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Home* Antarctic News → Hal­ley VI: An ant­arc­tic rese­arch sta­ti­on has to move

Hal­ley VI: An ant­arc­tic rese­arch sta­ti­on has to move

In 2012, the Bri­tish Ant­arc­tic Sur­vey had built an ultra-modern rese­arch sta­ti­on, on the eas­tern side of the Wed­dell sea: Hal­ley
VI. The five pre­vious sta­ti­ons were eit­her cove­r­ed in snow or not safe to use any­mo­re. Simi­lar to the Ger­man rese­arch sta­ti­on­Neu­may­er III, whe­re rese­ar­chers moved in for the first time in 2009, Hal­ley VI is situa­ted on the shelf ice. Alrea­dy Neu­may­er III was per­fect­ly con­struc­ted for the pre­vai­ling con­di­ti­ons. It should be able to with­stand the local­ly strong winds and drif­ting snow should not accu­mu­la­te to the buil­dings. Sin­ce ice is moving, she­ar for­ces would act on the con­struc­tion, too. Fore the­se rea­sons the buil­ding was erec­ted on hydrau­lic legs, which gra­du­al­ly could lift it to the level of the cur­rent snow lay­er. Howe­ver, the Ger­man base is fixed to the ice below. At the pre­sent loca­ti­on the sta­ti­on is drif­ting to the shelf ice edge
with a speed of 157 metres per year. The Bri­tish impro­ved their new con­struc­tion, and in Febru­a­ry 2012, a modu­lar buil­ding on ski was rea­dy to move in on the Brunt ice shelf. It can also be lifted hydrau­li­cal­ly. Each year, 1.5 metres of snow accu­mu­la­te due to eit­her snow fall or snow drift. The appro­xi­mate­ly 150 met­re thick ice shelf below Hal­ley VI moves with a speed of more than 400 meters per year. To pre­vent the loss of the base over the years, hea­vy vehi­cles are able to move the indi­vi­du­al modu­les on their ski from its loca­ti­on.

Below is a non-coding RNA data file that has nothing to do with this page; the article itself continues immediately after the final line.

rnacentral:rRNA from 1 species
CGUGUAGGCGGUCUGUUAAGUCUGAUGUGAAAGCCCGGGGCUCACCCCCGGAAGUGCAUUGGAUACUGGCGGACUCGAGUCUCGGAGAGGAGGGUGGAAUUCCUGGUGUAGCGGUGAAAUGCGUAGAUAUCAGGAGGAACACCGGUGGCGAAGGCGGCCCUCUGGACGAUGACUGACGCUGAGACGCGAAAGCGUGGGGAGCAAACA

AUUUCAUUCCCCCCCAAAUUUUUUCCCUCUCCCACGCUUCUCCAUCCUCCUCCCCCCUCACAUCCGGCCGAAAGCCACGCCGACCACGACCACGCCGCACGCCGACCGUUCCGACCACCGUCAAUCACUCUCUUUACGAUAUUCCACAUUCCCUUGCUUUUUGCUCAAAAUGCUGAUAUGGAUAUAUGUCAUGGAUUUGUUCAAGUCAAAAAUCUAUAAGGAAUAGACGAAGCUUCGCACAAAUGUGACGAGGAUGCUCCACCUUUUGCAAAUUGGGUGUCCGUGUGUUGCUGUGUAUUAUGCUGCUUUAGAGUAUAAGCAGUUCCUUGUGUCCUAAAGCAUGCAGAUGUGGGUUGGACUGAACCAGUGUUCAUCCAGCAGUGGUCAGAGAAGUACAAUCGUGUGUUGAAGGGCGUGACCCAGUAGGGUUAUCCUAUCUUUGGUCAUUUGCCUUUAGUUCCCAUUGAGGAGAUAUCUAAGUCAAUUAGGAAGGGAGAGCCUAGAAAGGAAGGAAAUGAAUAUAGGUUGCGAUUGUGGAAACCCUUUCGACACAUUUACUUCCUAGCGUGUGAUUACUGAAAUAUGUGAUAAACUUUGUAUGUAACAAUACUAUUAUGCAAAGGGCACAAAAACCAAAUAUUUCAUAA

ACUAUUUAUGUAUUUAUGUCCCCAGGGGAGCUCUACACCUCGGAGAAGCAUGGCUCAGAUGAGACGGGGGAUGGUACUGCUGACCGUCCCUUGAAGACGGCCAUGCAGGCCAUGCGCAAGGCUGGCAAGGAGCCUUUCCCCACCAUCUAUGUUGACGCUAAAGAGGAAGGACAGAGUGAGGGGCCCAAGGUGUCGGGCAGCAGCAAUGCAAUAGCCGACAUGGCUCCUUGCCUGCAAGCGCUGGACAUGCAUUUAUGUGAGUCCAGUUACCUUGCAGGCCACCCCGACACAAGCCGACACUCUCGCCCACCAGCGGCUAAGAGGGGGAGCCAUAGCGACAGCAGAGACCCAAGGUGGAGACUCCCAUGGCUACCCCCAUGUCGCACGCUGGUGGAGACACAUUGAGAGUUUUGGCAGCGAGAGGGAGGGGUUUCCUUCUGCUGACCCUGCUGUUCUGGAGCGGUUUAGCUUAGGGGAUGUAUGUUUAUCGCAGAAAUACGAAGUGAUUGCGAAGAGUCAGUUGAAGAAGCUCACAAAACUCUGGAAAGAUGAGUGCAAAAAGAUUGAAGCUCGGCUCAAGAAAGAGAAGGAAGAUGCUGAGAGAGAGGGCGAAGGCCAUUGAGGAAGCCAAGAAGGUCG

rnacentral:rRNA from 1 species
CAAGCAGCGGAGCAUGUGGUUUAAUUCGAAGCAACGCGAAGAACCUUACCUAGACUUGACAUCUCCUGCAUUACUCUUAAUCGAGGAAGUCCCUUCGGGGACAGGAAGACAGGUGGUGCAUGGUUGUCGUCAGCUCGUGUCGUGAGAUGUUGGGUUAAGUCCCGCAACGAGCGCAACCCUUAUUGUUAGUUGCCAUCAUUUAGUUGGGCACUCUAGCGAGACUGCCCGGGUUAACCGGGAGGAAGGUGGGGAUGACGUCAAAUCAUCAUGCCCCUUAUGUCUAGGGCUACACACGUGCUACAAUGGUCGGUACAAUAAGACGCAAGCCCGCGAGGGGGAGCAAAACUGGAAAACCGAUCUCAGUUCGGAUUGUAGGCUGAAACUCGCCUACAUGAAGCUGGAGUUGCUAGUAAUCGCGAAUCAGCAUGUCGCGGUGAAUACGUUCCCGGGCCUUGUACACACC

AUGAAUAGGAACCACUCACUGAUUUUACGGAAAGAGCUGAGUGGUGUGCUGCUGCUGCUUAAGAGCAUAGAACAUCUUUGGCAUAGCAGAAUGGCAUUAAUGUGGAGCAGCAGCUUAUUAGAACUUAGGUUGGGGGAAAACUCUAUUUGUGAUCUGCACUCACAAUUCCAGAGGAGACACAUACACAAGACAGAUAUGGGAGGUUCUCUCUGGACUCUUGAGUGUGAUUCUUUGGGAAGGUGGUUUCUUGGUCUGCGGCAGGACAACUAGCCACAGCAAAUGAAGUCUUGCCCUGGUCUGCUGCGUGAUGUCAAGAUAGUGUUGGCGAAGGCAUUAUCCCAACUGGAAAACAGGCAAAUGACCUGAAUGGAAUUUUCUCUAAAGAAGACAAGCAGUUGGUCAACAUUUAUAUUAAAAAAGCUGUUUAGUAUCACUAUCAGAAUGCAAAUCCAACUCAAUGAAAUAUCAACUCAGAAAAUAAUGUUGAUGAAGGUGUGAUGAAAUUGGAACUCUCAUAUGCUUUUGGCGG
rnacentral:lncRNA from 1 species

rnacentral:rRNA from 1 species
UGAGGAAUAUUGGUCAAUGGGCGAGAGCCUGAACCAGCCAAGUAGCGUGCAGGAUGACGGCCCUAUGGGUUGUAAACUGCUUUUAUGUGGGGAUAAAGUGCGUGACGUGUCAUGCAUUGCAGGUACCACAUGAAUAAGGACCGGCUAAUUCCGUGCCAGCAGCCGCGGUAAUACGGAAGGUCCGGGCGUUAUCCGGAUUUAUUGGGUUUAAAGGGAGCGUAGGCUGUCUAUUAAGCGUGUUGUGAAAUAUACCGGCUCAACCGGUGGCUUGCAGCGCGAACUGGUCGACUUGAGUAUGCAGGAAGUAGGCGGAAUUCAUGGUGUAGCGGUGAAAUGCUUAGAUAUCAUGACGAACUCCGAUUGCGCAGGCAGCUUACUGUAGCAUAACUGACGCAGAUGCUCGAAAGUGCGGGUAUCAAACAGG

When Hal­ley VI was used for the first time in 2012, several chasms in the shelf ice South of the sta­ti­on were alrea­dy known. Almost one year later, after 35 years of inac­ti­vi­ty, the chasms star­ted to grow again. The crack clo­sest to the sta­ti­on incre­a­sed by appro­xi­mate­ly 1.7 kilo­me­tres per year. Last Octo­ber, rese­ar­chers detec­ted a new fis­su­re in the North. They worried about the sta­ti­on to be cut off from the main­land. The­re­fo­re, BAS deci­ded for the relo­ca­ti­on of the Hal­ley VI, and the sta­ti­on would not be avail­ab­le for rese­arch for 3 years. Wit­hin that time, the trans­fer of the buil­dings should be
com­ple­ted. During the Ant­arc­tic sum­mer of 2015/16 sci­en­tists sur­vey­ed the area for a new loca­ti­on and a safe rou­te for trans­port. It is about 23 kilo­me­tres fur­ther inland. Camps for fiel­dwor­kers and engi­neers will be build and the first modu­les are get­ting on the road during the cur­rent sum­mer. The rese­ar­chers hope that the base will be rea­dy for work for the 2017 sum­mer team. The sup­ply rou­te over the shelf-ice edge would then be exten­ded to 40 kilo­me­tres. Bet­ter safe than sor­ry!

Hal­ley VI sta­ti­on on the Brunt shelf ice. Pho­to © Bri­tish Ant­arc­tic Sur­vey.

Halley VI

last modification: 2017-02-08 · copyright: Rolf Stange